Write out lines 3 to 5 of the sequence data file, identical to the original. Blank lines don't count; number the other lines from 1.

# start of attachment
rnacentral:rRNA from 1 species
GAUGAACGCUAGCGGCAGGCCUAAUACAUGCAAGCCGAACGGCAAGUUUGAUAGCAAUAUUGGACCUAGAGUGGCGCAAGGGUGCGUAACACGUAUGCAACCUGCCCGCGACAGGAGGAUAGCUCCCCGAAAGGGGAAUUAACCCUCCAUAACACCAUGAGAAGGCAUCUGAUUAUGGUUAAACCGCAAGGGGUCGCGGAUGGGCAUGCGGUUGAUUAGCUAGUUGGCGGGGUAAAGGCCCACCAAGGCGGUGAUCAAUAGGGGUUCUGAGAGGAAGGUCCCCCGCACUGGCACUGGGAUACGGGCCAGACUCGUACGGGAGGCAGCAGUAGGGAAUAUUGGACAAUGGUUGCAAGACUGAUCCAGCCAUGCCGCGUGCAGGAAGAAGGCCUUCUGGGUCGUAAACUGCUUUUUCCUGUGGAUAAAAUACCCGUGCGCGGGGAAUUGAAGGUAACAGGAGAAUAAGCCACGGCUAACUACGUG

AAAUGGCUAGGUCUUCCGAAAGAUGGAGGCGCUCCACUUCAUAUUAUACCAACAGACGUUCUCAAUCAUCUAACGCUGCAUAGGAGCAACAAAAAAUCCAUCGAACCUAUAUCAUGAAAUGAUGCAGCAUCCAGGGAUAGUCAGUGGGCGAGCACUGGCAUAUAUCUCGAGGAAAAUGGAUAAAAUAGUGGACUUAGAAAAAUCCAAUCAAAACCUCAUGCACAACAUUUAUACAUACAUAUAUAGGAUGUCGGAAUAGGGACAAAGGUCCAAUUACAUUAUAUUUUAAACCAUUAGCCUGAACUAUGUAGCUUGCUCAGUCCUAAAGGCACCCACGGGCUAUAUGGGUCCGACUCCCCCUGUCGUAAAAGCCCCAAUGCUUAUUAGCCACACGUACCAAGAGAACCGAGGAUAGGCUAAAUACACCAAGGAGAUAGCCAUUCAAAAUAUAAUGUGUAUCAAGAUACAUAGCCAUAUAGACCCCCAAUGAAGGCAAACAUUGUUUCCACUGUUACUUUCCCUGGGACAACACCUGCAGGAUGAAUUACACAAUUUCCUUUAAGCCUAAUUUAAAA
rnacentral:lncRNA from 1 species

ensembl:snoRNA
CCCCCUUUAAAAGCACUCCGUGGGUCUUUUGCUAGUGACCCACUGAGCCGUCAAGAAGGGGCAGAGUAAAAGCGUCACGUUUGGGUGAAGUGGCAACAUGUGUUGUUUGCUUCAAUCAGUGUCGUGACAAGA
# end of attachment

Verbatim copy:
AAAUGGCUAGGUCUUCCGAAAGAUGGAGGCGCUCCACUUCAUAUUAUACCAACAGACGUUCUCAAUCAUCUAACGCUGCAUAGGAGCAACAAAAAAUCCAUCGAACCUAUAUCAUGAAAUGAUGCAGCAUCCAGGGAUAGUCAGUGGGCGAGCACUGGCAUAUAUCUCGAGGAAAAUGGAUAAAAUAGUGGACUUAGAAAAAUCCAAUCAAAACCUCAUGCACAACAUUUAUACAUACAUAUAUAGGAUGUCGGAAUAGGGACAAAGGUCCAAUUACAUUAUAUUUUAAACCAUUAGCCUGAACUAUGUAGCUUGCUCAGUCCUAAAGGCACCCACGGGCUAUAUGGGUCCGACUCCCCCUGUCGUAAAAGCCCCAAUGCUUAUUAGCCACACGUACCAAGAGAACCGAGGAUAGGCUAAAUACACCAAGGAGAUAGCCAUUCAAAAUAUAAUGUGUAUCAAGAUACAUAGCCAUAUAGACCCCCAAUGAAGGCAAACAUUGUUUCCACUGUUACUUUCCCUGGGACAACACCUGCAGGAUGAAUUACACAAUUUCCUUUAAGCCUAAUUUAAAA
rnacentral:lncRNA from 1 species

ensembl:snoRNA